So dismayed was director Nathan Juran (Twenty Million Miles To Earth) by the special effects that he took the billing “Nathan Hertz”, but while they may lack conviction, the central performances, especially the normally underused Hayes in her signature role, do not. Seek it out and enjoy it for what it is, and you’ll have a great time.
3. Frankenstein Meets The Space Monster (1965)
A Lily Munster-ish Martian princess and her bald, pointy-eared servant are seeking to repopulate their dying world, so they do what any Bad Movie Villain would – they kidnap bikinied ‘specimens’ from the beaches of San Juan and lock less-than-willing abductees up in a cage with a bad actor in a gorilla suit.
Meanwhile, our would-be Frankenstein, in this case a NASA scientist played by James Karen, has created a cyborg (named Colonel Saunders) and shot him into space only to see his rocket destroyed by the Martians, who think it’s an enemy missile. Surviving the stock-footage explosion with only third-degree burns, the Colonel malfunctions and goes on a lusty rampage, pursued (on scooter) by Dr Karen.
Sure, it’s cheap, silly and loaded with enough stock-footage to make Ed Wood proud, but the campy feel must’ve been intentional because producer Alan V Iselin’s resume also includes The Horror Of Party Beach. Here, the beach antics have been toned down, the number of pop songs reduced and there’s more going on whenever the antagonists are off-screen.
2. The Thing With Two Heads (1972)
A staple of All Time Worst movie lists, The Thing With Two Heads might live up (or down) to its reputation if it pretended to be anything other than a deliberately goofy exploitation film, but its ability to amuse (intentionally, we think) and entertain places it several rungs above, say, Blackenstein, The Black Frankenstein.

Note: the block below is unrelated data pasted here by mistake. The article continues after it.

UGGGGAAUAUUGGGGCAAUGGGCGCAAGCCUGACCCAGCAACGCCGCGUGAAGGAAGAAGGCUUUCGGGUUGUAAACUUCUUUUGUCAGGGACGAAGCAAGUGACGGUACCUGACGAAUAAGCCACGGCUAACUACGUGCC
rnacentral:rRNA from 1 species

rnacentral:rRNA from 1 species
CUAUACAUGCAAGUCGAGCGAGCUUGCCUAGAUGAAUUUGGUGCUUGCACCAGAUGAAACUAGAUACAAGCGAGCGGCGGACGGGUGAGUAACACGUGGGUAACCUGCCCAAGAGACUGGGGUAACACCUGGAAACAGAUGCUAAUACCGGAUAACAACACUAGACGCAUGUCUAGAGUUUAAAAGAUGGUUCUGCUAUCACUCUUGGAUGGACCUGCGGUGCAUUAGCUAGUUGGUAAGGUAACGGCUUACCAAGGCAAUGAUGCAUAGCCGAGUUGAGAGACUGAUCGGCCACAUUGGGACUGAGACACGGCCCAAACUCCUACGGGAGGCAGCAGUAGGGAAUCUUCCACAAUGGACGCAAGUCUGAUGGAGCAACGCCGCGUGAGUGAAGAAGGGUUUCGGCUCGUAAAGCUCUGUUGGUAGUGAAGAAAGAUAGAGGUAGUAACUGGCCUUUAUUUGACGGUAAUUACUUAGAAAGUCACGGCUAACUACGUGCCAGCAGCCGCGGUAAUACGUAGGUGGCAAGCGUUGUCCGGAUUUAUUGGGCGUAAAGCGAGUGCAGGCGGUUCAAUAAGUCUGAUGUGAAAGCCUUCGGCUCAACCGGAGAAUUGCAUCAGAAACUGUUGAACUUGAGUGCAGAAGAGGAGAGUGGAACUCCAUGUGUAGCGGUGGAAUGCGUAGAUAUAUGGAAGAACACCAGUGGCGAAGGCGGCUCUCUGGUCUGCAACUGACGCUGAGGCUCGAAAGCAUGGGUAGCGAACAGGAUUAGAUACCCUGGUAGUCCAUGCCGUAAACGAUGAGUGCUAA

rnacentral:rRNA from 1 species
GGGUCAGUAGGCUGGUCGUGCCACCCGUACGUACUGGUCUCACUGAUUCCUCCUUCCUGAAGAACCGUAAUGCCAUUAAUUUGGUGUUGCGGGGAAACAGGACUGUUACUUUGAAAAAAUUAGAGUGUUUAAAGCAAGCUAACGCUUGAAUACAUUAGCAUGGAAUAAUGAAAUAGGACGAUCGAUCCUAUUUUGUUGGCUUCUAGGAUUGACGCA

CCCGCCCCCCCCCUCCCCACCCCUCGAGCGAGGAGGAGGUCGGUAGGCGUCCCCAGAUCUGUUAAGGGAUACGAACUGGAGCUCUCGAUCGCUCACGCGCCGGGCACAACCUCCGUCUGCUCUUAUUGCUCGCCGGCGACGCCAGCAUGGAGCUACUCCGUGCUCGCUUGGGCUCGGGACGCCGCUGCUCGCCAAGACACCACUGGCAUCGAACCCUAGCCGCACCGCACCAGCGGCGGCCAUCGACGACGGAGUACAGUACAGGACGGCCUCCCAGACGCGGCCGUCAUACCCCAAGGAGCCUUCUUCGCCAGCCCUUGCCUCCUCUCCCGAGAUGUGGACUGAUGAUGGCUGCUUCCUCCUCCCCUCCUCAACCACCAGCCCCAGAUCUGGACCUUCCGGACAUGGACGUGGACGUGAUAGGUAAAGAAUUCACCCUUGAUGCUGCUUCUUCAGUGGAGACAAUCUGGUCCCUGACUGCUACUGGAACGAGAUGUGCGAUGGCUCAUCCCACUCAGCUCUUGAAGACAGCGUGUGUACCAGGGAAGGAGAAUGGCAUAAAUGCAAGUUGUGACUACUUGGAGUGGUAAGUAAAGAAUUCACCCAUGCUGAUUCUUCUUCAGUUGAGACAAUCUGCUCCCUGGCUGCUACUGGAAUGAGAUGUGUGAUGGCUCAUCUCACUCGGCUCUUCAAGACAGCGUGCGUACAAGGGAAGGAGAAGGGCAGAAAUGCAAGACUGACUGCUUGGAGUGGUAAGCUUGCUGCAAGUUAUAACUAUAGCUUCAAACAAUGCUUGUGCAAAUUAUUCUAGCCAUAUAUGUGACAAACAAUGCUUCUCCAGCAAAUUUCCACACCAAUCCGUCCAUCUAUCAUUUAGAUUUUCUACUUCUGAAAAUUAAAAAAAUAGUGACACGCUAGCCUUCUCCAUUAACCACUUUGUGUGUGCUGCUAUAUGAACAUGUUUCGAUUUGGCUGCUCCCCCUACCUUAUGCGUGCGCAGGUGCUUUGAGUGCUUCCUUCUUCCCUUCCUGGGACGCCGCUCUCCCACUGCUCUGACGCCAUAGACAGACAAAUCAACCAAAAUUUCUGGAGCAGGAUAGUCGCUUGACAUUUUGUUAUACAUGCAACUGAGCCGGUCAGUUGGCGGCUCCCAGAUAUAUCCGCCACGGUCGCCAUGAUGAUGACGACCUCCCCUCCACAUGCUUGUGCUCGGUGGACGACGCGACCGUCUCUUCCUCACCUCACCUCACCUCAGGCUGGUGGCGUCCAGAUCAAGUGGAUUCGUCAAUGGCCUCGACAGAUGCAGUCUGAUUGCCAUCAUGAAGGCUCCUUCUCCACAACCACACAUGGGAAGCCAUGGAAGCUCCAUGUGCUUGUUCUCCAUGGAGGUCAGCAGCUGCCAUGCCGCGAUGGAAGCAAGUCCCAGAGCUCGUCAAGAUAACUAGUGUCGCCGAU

Viewers of the previous year’s The Incredible 2-Headed Transplant must have experienced déjà vu all over again as they watched Ray Milland’s terminally-ill surgeon attempt to cheat death by having his head grafted onto a healthy body. His confidence stems from the two-headed gorilla (played by Rick Baker) he keeps caged in his basement, a previous recipient of spare-head surgery.
When Baker escapes and drags his knuckles around town in search of bananas, Milland, unfazed by this bit of monkey business, declares the operation a success and moves forward, despite an understandable lack of volunteers.
When his deteriorating condition necessitates that the first willing donor be used, Milland regains consciousness to find himself attached to the considerably beefier shoulders of former Los Angeles Rams star Roosevelt ‘Rosey’ Grier. A wrongly convicted man on Death Row, Grier just wants to buy some time so he can prove his innocence, while an unimpressed Milland (“Is this some sort of joke?”) tries to arrange another check-up from the neck-up.
1. Howling II: Your Sister Is A Werewolf
The ten thousandth birthday of werewolf leader Stirba (Sybil Danning) is approaching, which will cause all other werewolves to reveal themselves unless Christopher Lee, Reb Brown and Annie McEnroe venture to Transylvania to destroy her. So far, so camp, but then the narrative flies off into the stratosphere.
Danning’s presence usually signifies a fairly high jiggle quotient, though here she’s required not just to disrobe but to break out in fur for a lycanthropic ménage a trois that must rank as one of the least erotic, most unintentionally (?) funny nude scenes ever filmed.
When she’s not flanked by naked, cooing werewolves, the Playmate wears shades and a leather catsuit, shoots laser beams from her fingertips and causes noses to bleed and eyeballs to rupture with a mystical chant. She can also transform gargoyles into rubbery predators that suck their victim’s intestines out through their mouths, which is all her castle seems to have in the way of security since the ‘guards’ are more likely to be found indulging their orgiastic proclivities.
She even keeps McEnroe’s imperilled heroine, clad in rags and slathered in fake blood, chained up in an unlocked and unguarded cellar so that when our heroes arrive they can walk straight in. Armed with nothing less than the Holy Grail, Lee’s final confrontation with Stirba proves something of a letdown as, having expended her arsenal of colour-swirls, all it takes to defeat the werewolf queen is a single thrust of a titanium blade.
Author Bio: Ian Watson writes about film for one reason – to encourage people to watch films like Starcrash instead of that drivel where cars turn into robots and save the world. Every time one of those pictures makes money, an angel dies and falls from Heaven.